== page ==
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Vikki Walton, MBA: Bridging Health Equity Gaps Through DE&I


Employees want to know that their employers have a vested interest in their health, Vikki Walton, MBA, health equity leader at Mercer, explains.

Employers play an important role in health equity, and Vikki Walton, MBA, health equity leader at Mercer, explained how to improve that through a company’s diversity, equity, and inclusion (DE&I) strategy in a presentation at the Greater Philadelphia Business Coalition on Health (GPBCH).


When you begin working with an employer, what are the key starting points to improving health equity?

We go in and we first have the conversation about education. So, we have to educate them. Again, a lot of times employers recognize that with health equity or social determinants of health, they might know a little bit about it, but not so much. So, we go in and we have to educate staff around exactly what it means. And then we go in and we start to assess their actual benefits. We go in and do a deep dive into what they're offering and then tie it to different groups of cohorts.

So, if we are looking at the LGBTQ+ community, what are they doing around gender-affirming care? If we're looking at women, reproductive health, what are we doing? What are we offering? How can we support that? What does travel and lodging look like for those who want to have care at centers of excellence? So we go in and we do a deep dive, which will take some time, to assess what they currently offer.

We also do data harvesting. What does your data look like? As we start to support your inclusive benefits, what are we seeing with populations? So we go in and look at that. We also look at social determinants of health, where we look at the social vulnerability index to identify are there populations that are experiencing access to care. How can we support that? So, we take a methodical approach to assessing their overarching benefit platform, and then from there, start to look at what those interventions might look like.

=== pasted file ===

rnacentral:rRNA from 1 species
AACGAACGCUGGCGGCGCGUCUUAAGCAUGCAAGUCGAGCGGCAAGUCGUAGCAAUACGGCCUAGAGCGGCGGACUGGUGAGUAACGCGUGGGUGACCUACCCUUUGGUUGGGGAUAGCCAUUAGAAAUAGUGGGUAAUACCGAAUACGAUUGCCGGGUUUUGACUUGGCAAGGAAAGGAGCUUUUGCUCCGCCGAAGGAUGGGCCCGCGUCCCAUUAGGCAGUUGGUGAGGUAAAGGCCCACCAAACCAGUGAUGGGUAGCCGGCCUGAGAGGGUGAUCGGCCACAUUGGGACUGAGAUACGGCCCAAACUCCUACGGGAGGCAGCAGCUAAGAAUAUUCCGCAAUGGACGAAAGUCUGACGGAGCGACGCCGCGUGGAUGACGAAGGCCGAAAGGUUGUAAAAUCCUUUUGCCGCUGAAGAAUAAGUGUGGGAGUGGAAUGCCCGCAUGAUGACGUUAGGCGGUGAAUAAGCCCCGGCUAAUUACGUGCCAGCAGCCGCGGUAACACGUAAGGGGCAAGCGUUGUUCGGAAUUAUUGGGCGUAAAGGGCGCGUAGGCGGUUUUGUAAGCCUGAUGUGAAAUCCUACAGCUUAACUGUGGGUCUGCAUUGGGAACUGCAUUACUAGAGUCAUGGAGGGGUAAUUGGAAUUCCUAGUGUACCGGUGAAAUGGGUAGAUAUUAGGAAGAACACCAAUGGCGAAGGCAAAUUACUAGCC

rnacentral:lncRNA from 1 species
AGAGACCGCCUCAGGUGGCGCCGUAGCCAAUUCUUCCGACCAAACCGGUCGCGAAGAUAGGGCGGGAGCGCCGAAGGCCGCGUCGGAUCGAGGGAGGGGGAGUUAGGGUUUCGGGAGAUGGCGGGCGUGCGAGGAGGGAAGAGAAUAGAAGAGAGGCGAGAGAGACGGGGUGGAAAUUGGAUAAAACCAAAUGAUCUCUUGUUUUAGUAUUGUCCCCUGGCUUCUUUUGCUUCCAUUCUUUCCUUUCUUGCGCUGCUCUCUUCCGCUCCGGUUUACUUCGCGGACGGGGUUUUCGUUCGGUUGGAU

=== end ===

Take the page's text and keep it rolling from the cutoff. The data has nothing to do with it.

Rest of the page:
Are there any research areas of interest?

Yeah, so the question always comes up of, well, what's the return on investment? How can we identify whether we’re being effective if this is our approach? We have seen research with the AMA [American Medical Association] that has looked at employers’ role and how a healthy employee will support a healthy workforce, and the importance of that. We've had surveys from employees saying,“This is what we want and we’re interested in having employers take a vested interest in our health and specifically targeted groups.”

But we also look at utilization and employee engagement, and then overarching outcomes as we develop. So as far as research, it's kind of individualized depending on what the employer is looking to gain. And then over time, I believe we'll be able to harvest and have robust outcomes data to support when employers start to improve the access and be more strategic and intentional when it comes to certain cohorts.

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